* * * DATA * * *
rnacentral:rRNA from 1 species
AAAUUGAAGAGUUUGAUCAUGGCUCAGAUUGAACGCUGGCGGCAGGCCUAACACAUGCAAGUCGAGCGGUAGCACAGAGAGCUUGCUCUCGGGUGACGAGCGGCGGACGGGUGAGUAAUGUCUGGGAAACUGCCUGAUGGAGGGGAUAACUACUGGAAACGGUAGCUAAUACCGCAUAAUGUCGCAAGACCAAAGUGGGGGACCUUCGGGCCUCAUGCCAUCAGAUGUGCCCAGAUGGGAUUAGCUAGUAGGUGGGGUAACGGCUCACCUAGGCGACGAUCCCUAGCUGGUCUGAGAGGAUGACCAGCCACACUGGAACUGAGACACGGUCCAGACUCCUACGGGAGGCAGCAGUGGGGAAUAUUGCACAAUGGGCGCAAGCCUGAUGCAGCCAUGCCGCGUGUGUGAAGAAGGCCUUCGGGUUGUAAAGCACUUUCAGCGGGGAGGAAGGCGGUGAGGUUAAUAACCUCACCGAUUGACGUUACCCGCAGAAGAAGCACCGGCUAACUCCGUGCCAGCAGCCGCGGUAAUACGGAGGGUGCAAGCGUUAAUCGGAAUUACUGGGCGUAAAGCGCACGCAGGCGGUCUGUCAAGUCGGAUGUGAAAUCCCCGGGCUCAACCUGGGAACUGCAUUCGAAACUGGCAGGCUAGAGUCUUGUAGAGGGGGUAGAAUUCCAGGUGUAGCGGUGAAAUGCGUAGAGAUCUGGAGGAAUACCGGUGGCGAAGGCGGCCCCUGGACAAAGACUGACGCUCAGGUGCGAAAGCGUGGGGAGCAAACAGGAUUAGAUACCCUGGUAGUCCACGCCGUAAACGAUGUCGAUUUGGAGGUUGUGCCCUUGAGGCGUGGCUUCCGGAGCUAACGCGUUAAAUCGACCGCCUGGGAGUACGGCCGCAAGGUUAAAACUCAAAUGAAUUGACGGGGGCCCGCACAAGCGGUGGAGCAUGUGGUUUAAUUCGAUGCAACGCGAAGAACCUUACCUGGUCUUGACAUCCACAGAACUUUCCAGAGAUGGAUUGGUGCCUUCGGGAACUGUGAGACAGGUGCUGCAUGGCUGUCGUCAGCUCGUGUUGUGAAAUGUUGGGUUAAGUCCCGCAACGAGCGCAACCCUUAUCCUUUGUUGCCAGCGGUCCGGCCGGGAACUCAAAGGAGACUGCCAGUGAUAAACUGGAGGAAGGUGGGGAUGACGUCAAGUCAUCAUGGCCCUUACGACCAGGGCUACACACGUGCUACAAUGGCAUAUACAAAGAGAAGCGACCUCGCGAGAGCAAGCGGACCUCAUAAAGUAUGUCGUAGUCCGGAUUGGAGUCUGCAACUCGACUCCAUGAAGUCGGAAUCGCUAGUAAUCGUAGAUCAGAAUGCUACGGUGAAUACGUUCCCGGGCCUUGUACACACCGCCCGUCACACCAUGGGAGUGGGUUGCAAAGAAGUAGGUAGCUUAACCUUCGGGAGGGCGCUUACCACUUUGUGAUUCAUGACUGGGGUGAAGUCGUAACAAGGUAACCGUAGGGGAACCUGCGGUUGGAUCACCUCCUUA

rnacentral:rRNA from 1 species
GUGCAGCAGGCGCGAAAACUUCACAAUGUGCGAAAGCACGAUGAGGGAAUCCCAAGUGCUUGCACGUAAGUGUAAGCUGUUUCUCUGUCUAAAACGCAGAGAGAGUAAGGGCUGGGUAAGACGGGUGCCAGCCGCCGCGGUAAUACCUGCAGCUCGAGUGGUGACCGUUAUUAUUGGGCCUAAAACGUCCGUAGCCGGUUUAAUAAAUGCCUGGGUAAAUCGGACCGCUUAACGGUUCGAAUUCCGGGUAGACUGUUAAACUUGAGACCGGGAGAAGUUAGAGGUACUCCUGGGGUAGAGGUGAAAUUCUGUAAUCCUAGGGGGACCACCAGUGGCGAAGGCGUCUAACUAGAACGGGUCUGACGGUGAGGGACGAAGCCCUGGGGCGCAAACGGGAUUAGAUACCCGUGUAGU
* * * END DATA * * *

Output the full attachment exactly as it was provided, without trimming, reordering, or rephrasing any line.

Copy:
rnacentral:rRNA from 1 species
AAAUUGAAGAGUUUGAUCAUGGCUCAGAUUGAACGCUGGCGGCAGGCCUAACACAUGCAAGUCGAGCGGUAGCACAGAGAGCUUGCUCUCGGGUGACGAGCGGCGGACGGGUGAGUAAUGUCUGGGAAACUGCCUGAUGGAGGGGAUAACUACUGGAAACGGUAGCUAAUACCGCAUAAUGUCGCAAGACCAAAGUGGGGGACCUUCGGGCCUCAUGCCAUCAGAUGUGCCCAGAUGGGAUUAGCUAGUAGGUGGGGUAACGGCUCACCUAGGCGACGAUCCCUAGCUGGUCUGAGAGGAUGACCAGCCACACUGGAACUGAGACACGGUCCAGACUCCUACGGGAGGCAGCAGUGGGGAAUAUUGCACAAUGGGCGCAAGCCUGAUGCAGCCAUGCCGCGUGUGUGAAGAAGGCCUUCGGGUUGUAAAGCACUUUCAGCGGGGAGGAAGGCGGUGAGGUUAAUAACCUCACCGAUUGACGUUACCCGCAGAAGAAGCACCGGCUAACUCCGUGCCAGCAGCCGCGGUAAUACGGAGGGUGCAAGCGUUAAUCGGAAUUACUGGGCGUAAAGCGCACGCAGGCGGUCUGUCAAGUCGGAUGUGAAAUCCCCGGGCUCAACCUGGGAACUGCAUUCGAAACUGGCAGGCUAGAGUCUUGUAGAGGGGGUAGAAUUCCAGGUGUAGCGGUGAAAUGCGUAGAGAUCUGGAGGAAUACCGGUGGCGAAGGCGGCCCCUGGACAAAGACUGACGCUCAGGUGCGAAAGCGUGGGGAGCAAACAGGAUUAGAUACCCUGGUAGUCCACGCCGUAAACGAUGUCGAUUUGGAGGUUGUGCCCUUGAGGCGUGGCUUCCGGAGCUAACGCGUUAAAUCGACCGCCUGGGAGUACGGCCGCAAGGUUAAAACUCAAAUGAAUUGACGGGGGCCCGCACAAGCGGUGGAGCAUGUGGUUUAAUUCGAUGCAACGCGAAGAACCUUACCUGGUCUUGACAUCCACAGAACUUUCCAGAGAUGGAUUGGUGCCUUCGGGAACUGUGAGACAGGUGCUGCAUGGCUGUCGUCAGCUCGUGUUGUGAAAUGUUGGGUUAAGUCCCGCAACGAGCGCAACCCUUAUCCUUUGUUGCCAGCGGUCCGGCCGGGAACUCAAAGGAGACUGCCAGUGAUAAACUGGAGGAAGGUGGGGAUGACGUCAAGUCAUCAUGGCCCUUACGACCAGGGCUACACACGUGCUACAAUGGCAUAUACAAAGAGAAGCGACCUCGCGAGAGCAAGCGGACCUCAUAAAGUAUGUCGUAGUCCGGAUUGGAGUCUGCAACUCGACUCCAUGAAGUCGGAAUCGCUAGUAAUCGUAGAUCAGAAUGCUACGGUGAAUACGUUCCCGGGCCUUGUACACACCGCCCGUCACACCAUGGGAGUGGGUUGCAAAGAAGUAGGUAGCUUAACCUUCGGGAGGGCGCUUACCACUUUGUGAUUCAUGACUGGGGUGAAGUCGUAACAAGGUAACCGUAGGGGAACCUGCGGUUGGAUCACCUCCUUA

rnacentral:rRNA from 1 species
GUGCAGCAGGCGCGAAAACUUCACAAUGUGCGAAAGCACGAUGAGGGAAUCCCAAGUGCUUGCACGUAAGUGUAAGCUGUUUCUCUGUCUAAAACGCAGAGAGAGUAAGGGCUGGGUAAGACGGGUGCCAGCCGCCGCGGUAAUACCUGCAGCUCGAGUGGUGACCGUUAUUAUUGGGCCUAAAACGUCCGUAGCCGGUUUAAUAAAUGCCUGGGUAAAUCGGACCGCUUAACGGUUCGAAUUCCGGGUAGACUGUUAAACUUGAGACCGGGAGAAGUUAGAGGUACUCCUGGGGUAGAGGUGAAAUUCUGUAAUCCUAGGGGGACCACCAGUGGCGAAGGCGUCUAACUAGAACGGGUCUGACGGUGAGGGACGAAGCCCUGGGGCGCAAACGGGAUUAGAUACCCGUGUAGU